Why, oh, why, VivaColombia airlines representative must you be so rude? I’ve been in customer service positions, too, and I know how that is because some people make you want to punch them in the face! But, I am being nice to you! You aren’t being so nice to me right now!!!! Now, YOU are driving ME crazy!!!!!!

 

It’s always a battle between fighting for my thoughts or letting go.

And I always fall victim to holding onto my hurt and making someone accountable for it.

Which is why sometimes I wake up at freakin 2 am talking to myself back to sleep.

Colombia has taught me to be more caring, empathetic, and humbler. However, she’s made me a little  crazier and a more annoyed person.

So, in a nutshell, my mental state is going through puberty. Voice cracks, body changes, hormone imbalances, the works.

If I make it through my two year service, I hope to make it through this transformation successfully and come back to the U.S. with a healthier and more positive perspective of people, abundance of acceptance, and the freedom to let go…because I love sleep without interruptions.

I am an ugly caterpillar right now waiting to be a sexy, beautiful butterfly.

So in the meantime, please tell me I am pretty even with my peach fuzz.

 

Sources:

Caterpillar photo

Mark Manson Article, “How We Judge Others is How we Judge Ourselves”

 

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Stay Human

Hello from the jungly part of Colombia.

The United States of America is going through a lot and I would like everyone reading my blog to take a moment and smile at someone new today and ask, “How are you?” Do it sincerely and genuinely. Hug your family and others and say I love you and thank you at least 50 times a day.

Please don’t forget to stay human. Please don’t forget that we are all humans. Please open your heart to empathize. Get out of your comfort zone to understand.

The United States of America needs many hugs and words of encouragement. Please help spread the love. Colombia gives a big sweaty hug to the United States of America for fast healing.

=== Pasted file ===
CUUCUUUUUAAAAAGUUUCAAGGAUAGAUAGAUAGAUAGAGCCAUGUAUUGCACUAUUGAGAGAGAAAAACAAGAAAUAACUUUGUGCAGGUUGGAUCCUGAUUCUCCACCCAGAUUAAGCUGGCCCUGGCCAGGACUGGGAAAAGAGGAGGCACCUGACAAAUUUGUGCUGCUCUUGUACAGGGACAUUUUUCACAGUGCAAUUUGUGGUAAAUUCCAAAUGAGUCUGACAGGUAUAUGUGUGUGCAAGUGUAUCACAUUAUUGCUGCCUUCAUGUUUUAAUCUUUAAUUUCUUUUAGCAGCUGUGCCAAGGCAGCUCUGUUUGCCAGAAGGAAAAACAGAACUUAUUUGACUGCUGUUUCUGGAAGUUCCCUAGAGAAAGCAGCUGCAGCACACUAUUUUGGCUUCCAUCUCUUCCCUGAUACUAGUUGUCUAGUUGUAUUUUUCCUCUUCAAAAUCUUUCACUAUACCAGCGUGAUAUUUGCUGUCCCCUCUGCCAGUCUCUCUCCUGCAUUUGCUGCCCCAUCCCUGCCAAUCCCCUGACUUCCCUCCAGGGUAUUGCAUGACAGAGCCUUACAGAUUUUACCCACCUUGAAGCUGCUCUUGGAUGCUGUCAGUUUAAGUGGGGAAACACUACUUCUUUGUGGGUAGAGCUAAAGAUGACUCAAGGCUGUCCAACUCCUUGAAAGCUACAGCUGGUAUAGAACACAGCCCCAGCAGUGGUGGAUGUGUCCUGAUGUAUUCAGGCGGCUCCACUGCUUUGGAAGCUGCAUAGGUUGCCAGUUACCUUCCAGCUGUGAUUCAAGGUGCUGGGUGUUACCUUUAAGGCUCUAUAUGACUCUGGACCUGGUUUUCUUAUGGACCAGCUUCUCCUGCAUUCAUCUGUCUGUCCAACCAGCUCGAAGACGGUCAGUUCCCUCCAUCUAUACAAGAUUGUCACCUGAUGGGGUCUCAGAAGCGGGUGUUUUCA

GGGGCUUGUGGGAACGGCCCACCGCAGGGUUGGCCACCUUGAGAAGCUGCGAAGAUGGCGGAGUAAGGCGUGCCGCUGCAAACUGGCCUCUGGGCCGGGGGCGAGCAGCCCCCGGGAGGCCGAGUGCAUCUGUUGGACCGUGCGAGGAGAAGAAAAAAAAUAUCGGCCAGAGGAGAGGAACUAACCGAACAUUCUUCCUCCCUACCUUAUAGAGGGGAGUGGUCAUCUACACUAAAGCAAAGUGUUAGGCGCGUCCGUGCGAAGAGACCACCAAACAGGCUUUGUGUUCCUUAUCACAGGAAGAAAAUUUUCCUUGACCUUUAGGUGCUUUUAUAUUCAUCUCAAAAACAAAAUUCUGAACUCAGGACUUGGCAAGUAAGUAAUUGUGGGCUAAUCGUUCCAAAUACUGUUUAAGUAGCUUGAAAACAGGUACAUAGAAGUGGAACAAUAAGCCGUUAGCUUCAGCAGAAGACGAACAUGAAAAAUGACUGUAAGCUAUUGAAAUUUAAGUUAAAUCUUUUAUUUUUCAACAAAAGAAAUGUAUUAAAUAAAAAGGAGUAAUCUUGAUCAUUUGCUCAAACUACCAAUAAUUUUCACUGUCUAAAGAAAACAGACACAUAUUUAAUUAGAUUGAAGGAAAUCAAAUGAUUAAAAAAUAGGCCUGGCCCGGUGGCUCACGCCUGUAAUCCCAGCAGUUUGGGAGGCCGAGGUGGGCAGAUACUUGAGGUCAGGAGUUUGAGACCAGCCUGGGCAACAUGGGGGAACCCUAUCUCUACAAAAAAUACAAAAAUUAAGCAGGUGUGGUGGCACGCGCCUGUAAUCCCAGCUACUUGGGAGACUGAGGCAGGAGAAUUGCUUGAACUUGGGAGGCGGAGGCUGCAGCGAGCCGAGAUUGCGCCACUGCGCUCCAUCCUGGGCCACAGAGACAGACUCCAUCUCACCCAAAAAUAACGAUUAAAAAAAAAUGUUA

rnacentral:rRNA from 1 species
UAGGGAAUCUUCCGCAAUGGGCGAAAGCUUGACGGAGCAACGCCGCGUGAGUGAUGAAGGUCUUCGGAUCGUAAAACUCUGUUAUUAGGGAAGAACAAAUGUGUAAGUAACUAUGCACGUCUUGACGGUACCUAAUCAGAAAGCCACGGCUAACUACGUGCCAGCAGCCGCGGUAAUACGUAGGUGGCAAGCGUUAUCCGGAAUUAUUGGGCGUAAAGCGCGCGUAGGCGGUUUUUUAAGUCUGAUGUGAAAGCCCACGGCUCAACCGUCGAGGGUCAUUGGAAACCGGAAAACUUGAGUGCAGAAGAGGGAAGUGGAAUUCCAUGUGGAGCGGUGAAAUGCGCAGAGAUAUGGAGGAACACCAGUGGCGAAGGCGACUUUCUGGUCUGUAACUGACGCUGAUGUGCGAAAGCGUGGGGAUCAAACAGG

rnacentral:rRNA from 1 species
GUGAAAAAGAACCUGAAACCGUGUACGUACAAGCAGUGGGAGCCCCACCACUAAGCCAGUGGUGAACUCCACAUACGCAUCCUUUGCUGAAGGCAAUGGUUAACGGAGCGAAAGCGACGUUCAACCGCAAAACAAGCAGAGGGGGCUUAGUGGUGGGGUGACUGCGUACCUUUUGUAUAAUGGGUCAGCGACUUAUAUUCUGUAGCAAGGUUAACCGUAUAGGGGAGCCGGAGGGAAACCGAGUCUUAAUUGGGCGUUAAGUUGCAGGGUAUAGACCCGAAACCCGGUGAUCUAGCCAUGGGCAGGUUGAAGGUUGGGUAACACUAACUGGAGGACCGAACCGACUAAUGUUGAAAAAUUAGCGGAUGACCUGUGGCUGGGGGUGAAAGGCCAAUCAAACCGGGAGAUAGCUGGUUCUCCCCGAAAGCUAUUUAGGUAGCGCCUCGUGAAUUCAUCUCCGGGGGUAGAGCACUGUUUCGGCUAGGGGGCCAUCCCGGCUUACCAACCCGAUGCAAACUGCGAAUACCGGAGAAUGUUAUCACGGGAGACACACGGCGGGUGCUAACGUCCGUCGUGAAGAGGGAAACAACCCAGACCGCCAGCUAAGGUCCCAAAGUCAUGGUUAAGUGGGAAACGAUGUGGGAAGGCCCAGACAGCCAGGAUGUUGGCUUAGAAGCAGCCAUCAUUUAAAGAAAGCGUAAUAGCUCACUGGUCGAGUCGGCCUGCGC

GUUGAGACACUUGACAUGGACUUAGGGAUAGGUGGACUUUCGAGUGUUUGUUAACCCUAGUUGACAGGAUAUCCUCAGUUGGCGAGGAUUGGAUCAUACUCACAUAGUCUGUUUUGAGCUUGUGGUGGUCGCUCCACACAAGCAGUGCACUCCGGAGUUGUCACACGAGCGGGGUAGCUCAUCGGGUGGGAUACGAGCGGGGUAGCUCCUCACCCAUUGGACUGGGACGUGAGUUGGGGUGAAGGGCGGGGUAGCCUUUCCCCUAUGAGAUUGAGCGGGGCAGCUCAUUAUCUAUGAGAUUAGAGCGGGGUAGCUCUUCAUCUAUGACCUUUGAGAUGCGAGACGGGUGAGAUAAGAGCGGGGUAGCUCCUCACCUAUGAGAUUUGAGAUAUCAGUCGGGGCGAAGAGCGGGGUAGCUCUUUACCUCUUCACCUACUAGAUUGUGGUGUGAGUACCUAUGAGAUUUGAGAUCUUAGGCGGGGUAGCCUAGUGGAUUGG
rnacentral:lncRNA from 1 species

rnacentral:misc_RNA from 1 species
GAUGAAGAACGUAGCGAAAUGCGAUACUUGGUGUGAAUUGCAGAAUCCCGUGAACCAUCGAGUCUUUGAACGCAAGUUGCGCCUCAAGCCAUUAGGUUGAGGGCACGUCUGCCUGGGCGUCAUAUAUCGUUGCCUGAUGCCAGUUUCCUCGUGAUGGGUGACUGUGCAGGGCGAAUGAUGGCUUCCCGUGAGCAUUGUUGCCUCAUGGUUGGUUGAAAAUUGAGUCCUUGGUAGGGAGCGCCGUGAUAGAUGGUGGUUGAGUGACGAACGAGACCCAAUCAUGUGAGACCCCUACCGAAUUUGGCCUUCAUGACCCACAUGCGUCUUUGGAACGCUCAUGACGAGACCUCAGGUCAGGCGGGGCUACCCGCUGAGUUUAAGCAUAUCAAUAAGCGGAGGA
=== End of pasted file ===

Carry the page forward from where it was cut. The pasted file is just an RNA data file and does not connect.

Despite the occurrences of this past week, I am doing well. I am gaining weight because my high-waisted jeans no longer feel comfortable nor provide concealing support of my belly. So, I suppose that reveals that I am not starving…

I went through some rocky down points, but bounced back up with the support of a few things and people.

Thank you shout out to the following:

  1. Barbara, one of my PCV (Peace Corps Volunteer) friends, who offered her home to me to publish this blog. God bless Barbara and her sexy WiFi.
  2. WhatsApp’s audio recording to and from my brotha from anotha motha, Ronald.
  3. The best go-away gift from my best friend, Amber. 

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  1. Milo cookies. Please Google them.
  2. My sitemate, Galen, his company, and consideration of my love for cookies. We met up to hang out and brought cookies saying, “I brought some cookies for you knowing you’d get hungry.”
  3. Books from my high school English teacher, Wendi.
  4. And YOU. You reading this blog. I put in a lot of effort to share my experiences and my sweat, emotions, and love are laced in every word. Thank you.

 

So remember training ended April 15th and I moved to my site? And whoa it’s July.

With baby steps, I am slowly getting a better idea of what all is here in my site, who to go to for whatever reason, and explored a few of the other villages of the Troncal (Troncal is the highway that all the villages lie next to). I sense the students that love learning English or learning in general, the students that make me want to rip out my hair,  the potential for growth of an idea or a student’s behavior or learning, and how I really need to work out like my life depended on it…soon.